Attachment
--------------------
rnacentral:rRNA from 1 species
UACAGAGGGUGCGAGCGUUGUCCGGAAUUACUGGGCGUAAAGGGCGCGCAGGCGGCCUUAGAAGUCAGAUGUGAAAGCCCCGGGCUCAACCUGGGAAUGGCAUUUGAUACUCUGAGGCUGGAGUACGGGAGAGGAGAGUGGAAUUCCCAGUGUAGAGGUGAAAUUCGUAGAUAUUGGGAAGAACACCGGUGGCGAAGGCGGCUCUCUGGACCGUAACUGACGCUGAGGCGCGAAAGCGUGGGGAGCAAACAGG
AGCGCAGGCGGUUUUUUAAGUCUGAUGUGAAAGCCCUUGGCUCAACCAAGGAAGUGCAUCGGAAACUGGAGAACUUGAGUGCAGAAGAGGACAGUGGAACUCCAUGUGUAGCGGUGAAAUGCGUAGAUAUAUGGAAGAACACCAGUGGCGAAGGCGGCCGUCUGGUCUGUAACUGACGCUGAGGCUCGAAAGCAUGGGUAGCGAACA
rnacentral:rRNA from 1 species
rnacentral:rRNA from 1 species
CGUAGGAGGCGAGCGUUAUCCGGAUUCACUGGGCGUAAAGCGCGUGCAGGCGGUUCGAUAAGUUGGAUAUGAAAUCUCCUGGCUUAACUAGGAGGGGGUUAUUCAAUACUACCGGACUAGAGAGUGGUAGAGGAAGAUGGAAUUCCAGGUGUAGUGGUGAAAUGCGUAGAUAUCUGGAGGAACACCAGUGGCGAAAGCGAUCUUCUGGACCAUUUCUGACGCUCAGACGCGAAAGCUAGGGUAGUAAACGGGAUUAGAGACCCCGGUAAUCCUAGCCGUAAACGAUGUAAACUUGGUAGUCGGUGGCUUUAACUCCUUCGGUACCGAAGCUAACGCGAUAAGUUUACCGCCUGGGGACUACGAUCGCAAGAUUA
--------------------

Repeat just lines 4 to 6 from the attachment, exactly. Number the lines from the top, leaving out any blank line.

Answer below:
rnacentral:rRNA from 1 species
rnacentral:rRNA from 1 species
CGUAGGAGGCGAGCGUUAUCCGGAUUCACUGGGCGUAAAGCGCGUGCAGGCGGUUCGAUAAGUUGGAUAUGAAAUCUCCUGGCUUAACUAGGAGGGGGUUAUUCAAUACUACCGGACUAGAGAGUGGUAGAGGAAGAUGGAAUUCCAGGUGUAGUGGUGAAAUGCGUAGAUAUCUGGAGGAACACCAGUGGCGAAAGCGAUCUUCUGGACCAUUUCUGACGCUCAGACGCGAAAGCUAGGGUAGUAAACGGGAUUAGAGACCCCGGUAAUCCUAGCCGUAAACGAUGUAAACUUGGUAGUCGGUGGCUUUAACUCCUUCGGUACCGAAGCUAACGCGAUAAGUUUACCGCCUGGGGACUACGAUCGCAAGAUUA